Benjamin Romeo Contador 2004
About the Region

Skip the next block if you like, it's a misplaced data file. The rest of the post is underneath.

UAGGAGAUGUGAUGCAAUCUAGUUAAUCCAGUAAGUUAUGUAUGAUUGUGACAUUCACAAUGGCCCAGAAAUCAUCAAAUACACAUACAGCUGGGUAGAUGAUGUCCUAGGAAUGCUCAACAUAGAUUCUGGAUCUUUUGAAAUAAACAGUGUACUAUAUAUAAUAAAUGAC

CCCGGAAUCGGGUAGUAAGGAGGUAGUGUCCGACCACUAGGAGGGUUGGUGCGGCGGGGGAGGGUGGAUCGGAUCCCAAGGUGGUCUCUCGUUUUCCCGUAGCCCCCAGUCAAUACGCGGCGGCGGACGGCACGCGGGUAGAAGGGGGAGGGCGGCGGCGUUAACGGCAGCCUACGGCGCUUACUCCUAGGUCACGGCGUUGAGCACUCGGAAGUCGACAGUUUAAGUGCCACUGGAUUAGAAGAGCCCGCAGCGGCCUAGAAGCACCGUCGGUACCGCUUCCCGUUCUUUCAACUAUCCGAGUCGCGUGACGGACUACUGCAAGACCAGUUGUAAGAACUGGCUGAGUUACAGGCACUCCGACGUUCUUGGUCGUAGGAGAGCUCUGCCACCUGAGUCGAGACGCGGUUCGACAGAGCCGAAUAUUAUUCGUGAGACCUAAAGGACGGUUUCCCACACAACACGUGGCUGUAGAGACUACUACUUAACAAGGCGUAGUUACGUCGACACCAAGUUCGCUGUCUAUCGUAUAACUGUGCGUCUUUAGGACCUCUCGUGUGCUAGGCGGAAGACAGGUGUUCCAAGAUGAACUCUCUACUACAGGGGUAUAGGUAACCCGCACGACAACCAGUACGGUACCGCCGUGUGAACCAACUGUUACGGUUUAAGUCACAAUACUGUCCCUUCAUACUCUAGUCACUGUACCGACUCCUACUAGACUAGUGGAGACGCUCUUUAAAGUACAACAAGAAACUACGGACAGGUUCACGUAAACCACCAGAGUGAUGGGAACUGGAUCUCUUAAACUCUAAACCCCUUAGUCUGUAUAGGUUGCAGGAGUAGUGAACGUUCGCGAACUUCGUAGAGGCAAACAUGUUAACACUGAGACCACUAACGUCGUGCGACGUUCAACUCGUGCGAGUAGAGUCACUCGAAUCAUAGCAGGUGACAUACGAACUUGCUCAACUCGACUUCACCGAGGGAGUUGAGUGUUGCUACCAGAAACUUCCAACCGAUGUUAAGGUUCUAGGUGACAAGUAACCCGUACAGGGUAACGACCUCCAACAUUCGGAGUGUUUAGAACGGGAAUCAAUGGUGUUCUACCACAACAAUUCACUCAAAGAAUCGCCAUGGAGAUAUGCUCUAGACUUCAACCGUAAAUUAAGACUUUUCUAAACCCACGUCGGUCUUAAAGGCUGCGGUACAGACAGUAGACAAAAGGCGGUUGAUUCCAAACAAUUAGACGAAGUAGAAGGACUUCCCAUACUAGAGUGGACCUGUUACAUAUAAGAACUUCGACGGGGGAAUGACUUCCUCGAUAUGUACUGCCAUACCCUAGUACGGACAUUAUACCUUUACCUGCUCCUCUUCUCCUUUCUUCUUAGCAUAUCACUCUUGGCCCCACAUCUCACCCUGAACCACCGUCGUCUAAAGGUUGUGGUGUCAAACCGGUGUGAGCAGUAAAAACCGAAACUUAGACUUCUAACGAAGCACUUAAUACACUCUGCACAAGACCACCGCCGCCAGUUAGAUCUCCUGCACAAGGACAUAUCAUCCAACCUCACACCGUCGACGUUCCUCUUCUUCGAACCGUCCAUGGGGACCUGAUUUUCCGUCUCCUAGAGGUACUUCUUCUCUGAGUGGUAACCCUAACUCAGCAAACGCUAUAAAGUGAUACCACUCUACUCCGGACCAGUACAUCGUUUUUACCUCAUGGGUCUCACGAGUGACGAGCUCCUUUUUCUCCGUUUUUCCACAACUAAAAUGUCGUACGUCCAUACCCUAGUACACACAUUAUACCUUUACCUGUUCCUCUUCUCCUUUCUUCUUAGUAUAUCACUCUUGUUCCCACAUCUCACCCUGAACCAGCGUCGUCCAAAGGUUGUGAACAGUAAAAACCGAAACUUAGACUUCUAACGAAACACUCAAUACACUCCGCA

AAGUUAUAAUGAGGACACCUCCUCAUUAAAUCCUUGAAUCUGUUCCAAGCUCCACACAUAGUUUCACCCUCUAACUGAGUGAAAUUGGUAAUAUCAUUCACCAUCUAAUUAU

Until recent years the most famous Spanish red wine by far, Rioja is made in a region covering about 200 square miles, including portions of La Rioja, Navarra, and the Basque Country. Though white and rosé wines are produced here, the region's reputation is based on its complex, elegant reds. These are based primarily on tempranillo, with garnacha (grenache), graciano, and mazuelo often blended in, in smaller quantities. Though cabernet sauvignon is not permitted across the denominación, there are old plantings of the grape in the area and some producers have received permission to include it in their blends (Marqués de Riscal is the most prominent of these). Whites are based on viura (the local name for macabeo) and may include garnacha blanca and malvasia. A bit of viura was traditionally added to red Rioja blends for added acidity, but this practice has pretty much died out. One producer, Remelluri, blends Rhône varieties — viognier, marsanne, and roussanne — with local grapes for a unique white wine. Wine has been made in the region for more than 1,000 years, but Rioja as we know it today was first developed in the second half of the 1850s, and by the latter part of the 19th century, the reds had earned an international reputation for their quality and finesse. The Rioja wine region is divided into three parts; Rioja Alta, to the west, known for lighter, more traditional-style wines; Rioja Alavesa, at a lower elevation that Rioja Alta, producing richer wines, sometimes in a more modern style; and Rioja Baja, whose warmer, drier climate yields wines with dark color, intense flavors, and high alcohol. Many producers blend wines from this region with other Rioja for balance.